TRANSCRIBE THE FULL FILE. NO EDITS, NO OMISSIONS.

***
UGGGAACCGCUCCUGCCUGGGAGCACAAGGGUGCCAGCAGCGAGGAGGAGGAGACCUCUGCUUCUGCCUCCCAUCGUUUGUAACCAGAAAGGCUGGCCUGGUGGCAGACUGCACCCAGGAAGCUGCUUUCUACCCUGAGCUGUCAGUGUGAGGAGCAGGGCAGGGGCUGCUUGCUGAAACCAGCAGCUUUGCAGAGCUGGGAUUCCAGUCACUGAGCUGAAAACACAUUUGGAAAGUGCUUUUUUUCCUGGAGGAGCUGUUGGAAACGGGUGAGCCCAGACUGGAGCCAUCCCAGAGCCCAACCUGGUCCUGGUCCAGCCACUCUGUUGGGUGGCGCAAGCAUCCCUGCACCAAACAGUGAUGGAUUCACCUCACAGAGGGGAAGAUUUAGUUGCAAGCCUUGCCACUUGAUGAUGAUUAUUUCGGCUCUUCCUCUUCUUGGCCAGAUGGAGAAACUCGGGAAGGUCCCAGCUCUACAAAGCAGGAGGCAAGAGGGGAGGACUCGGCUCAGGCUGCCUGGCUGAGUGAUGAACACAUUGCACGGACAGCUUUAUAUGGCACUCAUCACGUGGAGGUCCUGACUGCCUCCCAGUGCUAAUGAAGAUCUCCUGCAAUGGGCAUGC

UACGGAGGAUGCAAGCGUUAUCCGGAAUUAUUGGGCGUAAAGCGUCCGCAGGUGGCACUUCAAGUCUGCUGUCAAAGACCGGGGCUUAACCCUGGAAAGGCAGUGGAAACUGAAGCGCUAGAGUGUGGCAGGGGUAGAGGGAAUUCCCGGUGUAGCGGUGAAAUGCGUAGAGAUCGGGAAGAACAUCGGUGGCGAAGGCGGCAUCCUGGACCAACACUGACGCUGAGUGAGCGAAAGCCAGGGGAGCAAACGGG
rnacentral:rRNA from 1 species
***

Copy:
UGGGAACCGCUCCUGCCUGGGAGCACAAGGGUGCCAGCAGCGAGGAGGAGGAGACCUCUGCUUCUGCCUCCCAUCGUUUGUAACCAGAAAGGCUGGCCUGGUGGCAGACUGCACCCAGGAAGCUGCUUUCUACCCUGAGCUGUCAGUGUGAGGAGCAGGGCAGGGGCUGCUUGCUGAAACCAGCAGCUUUGCAGAGCUGGGAUUCCAGUCACUGAGCUGAAAACACAUUUGGAAAGUGCUUUUUUUCCUGGAGGAGCUGUUGGAAACGGGUGAGCCCAGACUGGAGCCAUCCCAGAGCCCAACCUGGUCCUGGUCCAGCCACUCUGUUGGGUGGCGCAAGCAUCCCUGCACCAAACAGUGAUGGAUUCACCUCACAGAGGGGAAGAUUUAGUUGCAAGCCUUGCCACUUGAUGAUGAUUAUUUCGGCUCUUCCUCUUCUUGGCCAGAUGGAGAAACUCGGGAAGGUCCCAGCUCUACAAAGCAGGAGGCAAGAGGGGAGGACUCGGCUCAGGCUGCCUGGCUGAGUGAUGAACACAUUGCACGGACAGCUUUAUAUGGCACUCAUCACGUGGAGGUCCUGACUGCCUCCCAGUGCUAAUGAAGAUCUCCUGCAAUGGGCAUGC

UACGGAGGAUGCAAGCGUUAUCCGGAAUUAUUGGGCGUAAAGCGUCCGCAGGUGGCACUUCAAGUCUGCUGUCAAAGACCGGGGCUUAACCCUGGAAAGGCAGUGGAAACUGAAGCGCUAGAGUGUGGCAGGGGUAGAGGGAAUUCCCGGUGUAGCGGUGAAAUGCGUAGAGAUCGGGAAGAACAUCGGUGGCGAAGGCGGCAUCCUGGACCAACACUGACGCUGAGUGAGCGAAAGCCAGGGGAGCAAACGGG
rnacentral:rRNA from 1 species